by Crystal Bowman
The next day John saw Jesus coming toward him and said, “Look, the Lamb of God, who takes away the sin of the world!” John 1:29 NIV
In most nativity sets, you will find a shepherd or two or three. It’s because the shepherds were the first to hear the good news that Jesus, the Messiah, had been born. In Luke 2:8-12 (NIV) we read, And there were shepherds living out in the fields nearby, keeping watch over their flocks at night. An angel of the Lord appeared to them, and the glory of the Lord shone around them, and they were terrified. But the angel said to them, “Do not be afraid. I bring you good news that will cause great joy for all the people. Today in the town of David a Savior has been born to you; he is the Messiah, the Lord. This will be a sign to you: You will find a baby wrapped in cloths and lying in a manger.”
Through the years, many have debated why the angels announced the news to the shepherds first. In Bible times, shepherds were the low rung on the social ladder. They were dirty and smelly and probably not well educated. Some have suggested that this shows how Jesus came to demonstrate His love to everyone—even lowly, humble, scruffy shepherds. Though that is certainly true, there is more to this story.
Most shepherds cared for their flocks in fields that were in the wilderness, far away from any town or city, so the proximity of a field near Bethlehem was an exception. The lambs being bred in the fields near Bethlehem were designated for sacrifice at the Temple in Jerusalem. The shepherds who raised the lambs were trained by priests to inspect the newly born lambs to check for imperfections. If they determined a lamb was free from defects and qualified for sacrifice, they would wash the lamb and wrap it in strips of cloth.
Like most Jews of that time, the shepherds anticipated the coming of the Messiah who had been promised long ago. With his birth, the days of animal sacrifice would soon end. Upon hearing the announcement from the angels, the shepherds left their flocks and raced to the town of Bethlehem, where they found the newborn King wrapped in strips of cloth, lying in a manger. It’s no surprise that these shepherds were overjoyed to see Jesus! Believing and rejoicing, they ran through the town and shared the news with everyone they met.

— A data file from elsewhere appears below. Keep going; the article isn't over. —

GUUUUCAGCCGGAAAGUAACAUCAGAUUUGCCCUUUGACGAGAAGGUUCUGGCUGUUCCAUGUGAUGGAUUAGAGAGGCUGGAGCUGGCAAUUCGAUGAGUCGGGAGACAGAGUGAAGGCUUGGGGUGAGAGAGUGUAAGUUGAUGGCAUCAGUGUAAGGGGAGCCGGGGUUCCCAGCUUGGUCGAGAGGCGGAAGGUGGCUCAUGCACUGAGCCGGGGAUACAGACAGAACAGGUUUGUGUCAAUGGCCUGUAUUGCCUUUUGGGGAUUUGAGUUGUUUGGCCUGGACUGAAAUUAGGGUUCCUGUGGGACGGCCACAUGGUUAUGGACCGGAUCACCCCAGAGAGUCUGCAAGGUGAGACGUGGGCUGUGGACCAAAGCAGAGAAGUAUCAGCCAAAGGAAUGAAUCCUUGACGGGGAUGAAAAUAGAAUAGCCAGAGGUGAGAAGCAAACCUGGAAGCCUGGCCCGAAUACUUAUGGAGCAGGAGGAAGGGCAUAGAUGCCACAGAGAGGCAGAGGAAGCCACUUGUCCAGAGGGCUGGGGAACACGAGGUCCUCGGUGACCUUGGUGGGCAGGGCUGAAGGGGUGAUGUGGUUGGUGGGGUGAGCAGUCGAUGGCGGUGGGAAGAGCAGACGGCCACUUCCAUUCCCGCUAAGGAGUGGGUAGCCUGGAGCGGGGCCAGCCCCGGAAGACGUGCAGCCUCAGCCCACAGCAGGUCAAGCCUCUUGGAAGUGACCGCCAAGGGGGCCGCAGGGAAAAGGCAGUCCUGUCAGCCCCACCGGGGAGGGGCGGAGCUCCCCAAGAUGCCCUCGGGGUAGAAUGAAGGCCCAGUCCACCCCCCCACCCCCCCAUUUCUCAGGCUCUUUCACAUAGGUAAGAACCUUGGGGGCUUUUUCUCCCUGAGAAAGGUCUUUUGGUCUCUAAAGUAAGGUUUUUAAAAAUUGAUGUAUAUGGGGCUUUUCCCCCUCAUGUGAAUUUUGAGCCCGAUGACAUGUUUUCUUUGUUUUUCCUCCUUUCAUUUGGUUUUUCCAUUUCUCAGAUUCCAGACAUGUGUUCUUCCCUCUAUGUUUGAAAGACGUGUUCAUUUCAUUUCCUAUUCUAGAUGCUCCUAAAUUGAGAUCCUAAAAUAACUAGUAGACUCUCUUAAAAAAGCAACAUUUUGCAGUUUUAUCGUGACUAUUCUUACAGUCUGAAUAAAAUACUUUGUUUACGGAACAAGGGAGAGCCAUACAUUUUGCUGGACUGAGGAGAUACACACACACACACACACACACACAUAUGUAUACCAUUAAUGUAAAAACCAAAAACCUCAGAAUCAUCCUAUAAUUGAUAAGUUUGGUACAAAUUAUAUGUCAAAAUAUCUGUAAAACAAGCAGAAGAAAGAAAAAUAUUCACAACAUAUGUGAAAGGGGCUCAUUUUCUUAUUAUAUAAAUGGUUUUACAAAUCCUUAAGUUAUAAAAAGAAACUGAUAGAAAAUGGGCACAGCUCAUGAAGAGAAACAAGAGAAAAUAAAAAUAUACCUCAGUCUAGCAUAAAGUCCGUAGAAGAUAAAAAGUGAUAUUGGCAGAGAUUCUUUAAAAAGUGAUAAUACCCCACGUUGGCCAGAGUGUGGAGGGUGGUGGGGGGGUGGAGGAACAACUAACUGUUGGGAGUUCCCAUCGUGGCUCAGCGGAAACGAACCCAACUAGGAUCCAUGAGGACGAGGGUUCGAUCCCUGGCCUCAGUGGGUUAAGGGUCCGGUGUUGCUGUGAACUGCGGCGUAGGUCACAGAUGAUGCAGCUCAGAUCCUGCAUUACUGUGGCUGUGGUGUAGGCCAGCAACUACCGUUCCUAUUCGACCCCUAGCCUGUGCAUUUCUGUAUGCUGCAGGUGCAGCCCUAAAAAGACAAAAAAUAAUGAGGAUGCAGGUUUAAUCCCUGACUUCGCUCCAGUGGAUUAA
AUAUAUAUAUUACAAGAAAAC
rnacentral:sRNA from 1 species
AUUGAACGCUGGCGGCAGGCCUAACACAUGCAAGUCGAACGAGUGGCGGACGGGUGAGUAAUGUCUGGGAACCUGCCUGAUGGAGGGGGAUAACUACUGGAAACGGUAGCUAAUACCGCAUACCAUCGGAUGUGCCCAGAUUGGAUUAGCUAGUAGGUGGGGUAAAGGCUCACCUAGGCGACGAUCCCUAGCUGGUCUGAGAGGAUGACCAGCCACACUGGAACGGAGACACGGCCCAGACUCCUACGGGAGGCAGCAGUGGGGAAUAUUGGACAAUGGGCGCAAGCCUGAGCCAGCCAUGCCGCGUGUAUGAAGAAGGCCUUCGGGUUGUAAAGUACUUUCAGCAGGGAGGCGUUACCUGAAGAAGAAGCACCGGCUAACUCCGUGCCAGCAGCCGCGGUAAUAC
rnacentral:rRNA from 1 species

As we enter into this most holy season of the year, I pray that we will dwell on the true meaning of Christmas; that God loves us so much He sent His only Son to pay for our sins and restore us to a right relationship with Him. Jesus came for everyone—rich and poor, male and female, educated and uneducated, kings and queens, common people, and scruffy shepherds. May we share the joy and excitement of Jesus’s first visitors and run to the manger to see the perfect sacrificial Lamb.
This article is brought to you by the Advance Writers and Speakers Association (AWSA).
About the author: Crystal Bowman is a bestselling, award-winning author of more than 100 books including, Our Daily Bread for Kids.She and her husband have three married children and eight huggable grandchildren.
When a child’s grandparent or great-grandparent is afflicted with dementia, it’s difficult to explain the disease in a way that helps the child understand why the person they love is not the same. I Love You to the Stars–When Grandma Forgets, Love Remembers, is a picture book inspired by a true story to help young children understand that even though Grandma is acting differently, she still loves them–to the stars!
Join the conversation: What part of the Christmas story is most meaningful to you?